NEW YORK (CBSNewYork) -- Mayor Bill de Blasio has been hit with tens of thousands of dollars in fines for violating a laundry list of campaign finance violations.
As CBS2 Political Reporter Marcia Kramer reported, the mayor did not need a reminder of the ongoing city corruption probe as he begins his 2017 reelection campaign. But he got one, and a whole lot more.
City Campaign Finance Board executive director Amy Loprest read a long list of reasons for the fines Thursday.
They included "failing to report transactions, accepting over-the-limit contributions, failing to demonstrate spending was in furtherance of the campaign, (and) making impermissible post-election expenditures," Loprest said.
In total, de Blasio was fined nearly $48,000 for violating spending rules during his 2013 campaign for mayor.
The violations involved a host of things, including money he spent on his wife, Chirlane McCray, and his kids, Dante and Chiara. The violations also involved money the board said was improperly given after the election to the public relations firm that hired his campaign manager, and which had already received $380,000 from the campaign.
De Blasio, who got $6 of taxpayer money for every $1 he raised, was accused of improperly spending $161,000 after the election as over, including $116,000 that went to Hilltop Strategies – the firm that hired campaign manager Bill Hyers. Hyers is one of the so-called "agents of the city" whose emails de Blasio is fighting to keep private.
There were also many expenses the board deemed improper, including:
• $550 for Election Night makeup for de Blasio himself, his wife and his kids;
• Nearly $300 so son Dante could fly to Washington, D.C. for the anniversary of Dr. Martin Luther King Jr.'s "I Have a Dream" speech;
• Nearly $600 for a hotel and rental car in Santa Clara, California, so de Blasio could attend so-called "finance prospecting meetings." A source noted pointedly that daughter Chiara was attending college in Santa Clara at the time.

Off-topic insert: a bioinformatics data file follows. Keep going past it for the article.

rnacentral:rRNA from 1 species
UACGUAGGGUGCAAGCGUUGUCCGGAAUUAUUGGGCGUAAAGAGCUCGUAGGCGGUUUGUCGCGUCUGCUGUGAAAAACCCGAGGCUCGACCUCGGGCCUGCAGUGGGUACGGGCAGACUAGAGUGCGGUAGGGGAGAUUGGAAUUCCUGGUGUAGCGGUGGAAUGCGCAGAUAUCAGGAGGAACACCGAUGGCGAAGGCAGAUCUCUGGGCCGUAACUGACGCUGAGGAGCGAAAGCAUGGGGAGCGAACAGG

For most of the questionable expenses, the campaign had the same reaction.
"While we strongly disagree with many of the CFB's findings, we are pleased that the 2013 campaign audit is now complete," said spokesman Dan Levitan.
But there is another part of the story. The board wonders why the mayor did not explain how a number of high-profile intermediaries raised campaign cash. Some of them have ties to the ongoing city corruption probe.
Among the intermediaries whose fundraising was not properly documented was Jona Rechnitz, a real estate investor at the center of the corruption probes involving City Hall.
Rechnitz has a cooperation agreement and has pleaded guilty in two cases – one involving gifts to high-ranking police officers in exchange for favors.
Also on the long intermediaries list are two people involved with NYCLASS, which lobbied the mayor to ban horse carriages.
Among other public officials fined on Thursday was former City Council Speaker Christine Quinn, who lost the 2013 Democratic mayoral primary to de Blasio. Her penalties totaled nearly $14,000.
City Comptroller Scott Stringer was also fined Thursday. He was hit with a penalty of $10,500.
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